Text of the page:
Now I'd like to turn to a matter that shows just how critical it is to put Chic and men and women like him in the next Congress. I'm talking about Central America and the situation in Nicaragua. Last week's Sandinista attack on Honduras was greeted by too many in Congress not as the proof that funding the freedom fighters is the one way -- the only way -- to get the Sandinistas to the peace table and keep them there. No, one Senator spoke for too many when he shook his head about the political mistake of those in Managua -- as if they'd stumbled in some primary or caucus.
Well, maybe if these critics thought for a moment, they'd just see what the nature of this so-called mistake really was. Troop movements, small-team reconnaissance missions, the positioning of fuel and supplies -- in short, the logistical preparations for the incursion -- began just after Congress voted to reject our package of aid to the democratic resistance. We saw it happening. This was a precise and carefully prepared operation that showed the influence of outside advisers and must have required several weeks to plan. It was not some spontaneous Sunday afternoon outing.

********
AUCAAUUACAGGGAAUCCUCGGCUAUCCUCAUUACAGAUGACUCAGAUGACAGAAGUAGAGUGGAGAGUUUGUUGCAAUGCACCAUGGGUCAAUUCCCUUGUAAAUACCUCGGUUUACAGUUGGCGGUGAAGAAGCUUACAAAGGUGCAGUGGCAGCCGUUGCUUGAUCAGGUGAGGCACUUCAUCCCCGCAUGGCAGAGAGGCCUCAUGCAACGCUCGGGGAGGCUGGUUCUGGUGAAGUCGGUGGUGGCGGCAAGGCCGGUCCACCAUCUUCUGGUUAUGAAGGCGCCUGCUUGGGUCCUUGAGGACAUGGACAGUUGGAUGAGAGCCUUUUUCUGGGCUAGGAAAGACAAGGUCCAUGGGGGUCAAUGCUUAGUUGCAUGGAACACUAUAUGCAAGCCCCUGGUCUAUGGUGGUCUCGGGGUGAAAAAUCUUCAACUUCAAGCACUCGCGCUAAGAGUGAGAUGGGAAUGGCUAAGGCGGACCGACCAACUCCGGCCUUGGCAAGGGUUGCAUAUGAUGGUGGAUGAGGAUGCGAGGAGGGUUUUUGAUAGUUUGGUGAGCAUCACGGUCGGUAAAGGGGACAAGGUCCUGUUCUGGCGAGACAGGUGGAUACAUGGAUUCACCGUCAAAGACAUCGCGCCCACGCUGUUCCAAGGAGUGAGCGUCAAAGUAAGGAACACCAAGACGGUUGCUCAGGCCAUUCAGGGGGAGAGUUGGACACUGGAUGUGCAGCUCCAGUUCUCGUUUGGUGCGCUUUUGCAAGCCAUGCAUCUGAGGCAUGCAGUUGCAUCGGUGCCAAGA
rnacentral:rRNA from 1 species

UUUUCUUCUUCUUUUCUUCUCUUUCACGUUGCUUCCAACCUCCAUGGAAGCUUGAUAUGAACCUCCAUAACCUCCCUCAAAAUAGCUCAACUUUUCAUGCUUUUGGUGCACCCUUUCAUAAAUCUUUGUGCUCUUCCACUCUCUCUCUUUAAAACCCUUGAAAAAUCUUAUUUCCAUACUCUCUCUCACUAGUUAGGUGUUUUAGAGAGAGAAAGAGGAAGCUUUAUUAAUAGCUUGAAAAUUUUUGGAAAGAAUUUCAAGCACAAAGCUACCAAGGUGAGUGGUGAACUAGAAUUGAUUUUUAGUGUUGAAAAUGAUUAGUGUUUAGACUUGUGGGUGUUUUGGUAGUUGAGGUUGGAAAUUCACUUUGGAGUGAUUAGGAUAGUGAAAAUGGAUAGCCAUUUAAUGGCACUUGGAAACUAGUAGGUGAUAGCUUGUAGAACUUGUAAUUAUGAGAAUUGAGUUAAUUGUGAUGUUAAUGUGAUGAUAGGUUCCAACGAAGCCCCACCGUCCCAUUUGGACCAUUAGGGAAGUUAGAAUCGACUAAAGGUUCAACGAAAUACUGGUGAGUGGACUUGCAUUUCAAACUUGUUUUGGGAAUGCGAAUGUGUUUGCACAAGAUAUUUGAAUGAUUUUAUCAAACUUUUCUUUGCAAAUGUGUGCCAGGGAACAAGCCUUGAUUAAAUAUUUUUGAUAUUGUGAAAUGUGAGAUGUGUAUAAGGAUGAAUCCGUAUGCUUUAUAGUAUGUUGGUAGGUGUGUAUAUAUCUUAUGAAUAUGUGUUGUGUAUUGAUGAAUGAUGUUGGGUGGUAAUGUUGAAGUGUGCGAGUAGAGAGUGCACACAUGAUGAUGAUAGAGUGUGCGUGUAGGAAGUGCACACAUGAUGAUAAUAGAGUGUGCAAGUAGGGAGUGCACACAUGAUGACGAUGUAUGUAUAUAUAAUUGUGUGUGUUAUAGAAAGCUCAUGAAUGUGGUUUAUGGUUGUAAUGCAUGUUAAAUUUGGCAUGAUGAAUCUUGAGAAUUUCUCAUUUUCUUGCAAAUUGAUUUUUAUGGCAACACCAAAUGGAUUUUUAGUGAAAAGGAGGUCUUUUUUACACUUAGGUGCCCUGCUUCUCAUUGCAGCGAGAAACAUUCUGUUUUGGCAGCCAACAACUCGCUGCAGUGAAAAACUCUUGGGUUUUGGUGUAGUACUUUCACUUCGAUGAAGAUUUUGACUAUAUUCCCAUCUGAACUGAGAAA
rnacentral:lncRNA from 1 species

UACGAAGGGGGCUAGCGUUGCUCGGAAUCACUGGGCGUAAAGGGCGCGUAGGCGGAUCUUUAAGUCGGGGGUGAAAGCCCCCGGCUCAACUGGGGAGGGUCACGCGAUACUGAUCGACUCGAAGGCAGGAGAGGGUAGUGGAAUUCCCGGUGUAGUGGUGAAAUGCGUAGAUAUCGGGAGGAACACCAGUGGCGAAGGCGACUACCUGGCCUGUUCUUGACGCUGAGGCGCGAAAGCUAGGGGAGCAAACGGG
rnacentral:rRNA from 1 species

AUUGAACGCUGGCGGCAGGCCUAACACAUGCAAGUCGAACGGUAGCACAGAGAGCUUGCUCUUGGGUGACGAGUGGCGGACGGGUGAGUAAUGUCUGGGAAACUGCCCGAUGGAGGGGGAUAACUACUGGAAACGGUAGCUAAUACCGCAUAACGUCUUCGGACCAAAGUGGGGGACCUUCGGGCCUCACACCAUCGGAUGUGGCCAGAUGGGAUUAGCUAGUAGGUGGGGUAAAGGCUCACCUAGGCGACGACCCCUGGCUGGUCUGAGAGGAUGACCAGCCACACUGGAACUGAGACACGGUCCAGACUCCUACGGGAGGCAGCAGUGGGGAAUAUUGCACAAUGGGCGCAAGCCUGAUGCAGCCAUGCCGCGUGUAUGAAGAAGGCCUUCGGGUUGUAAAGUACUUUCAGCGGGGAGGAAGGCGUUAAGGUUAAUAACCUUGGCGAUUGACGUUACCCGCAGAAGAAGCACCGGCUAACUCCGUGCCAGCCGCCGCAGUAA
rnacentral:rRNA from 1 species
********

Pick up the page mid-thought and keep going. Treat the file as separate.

In other words, counting back to when we first saw logistical preparations commence and before that to when planning would have had to start, this invasion was beginning or underway even as, in late February, a group of liberal House Democrats sent a letter to anti-aid lobbyists saying that, in their words: ``Nothing will bring peace faster than destroying contra hopes for more military aid.'' This was the same period in which we were warning that an end to congressional aid would set back, not advance, the cause of peace and democracy in Nicaragua.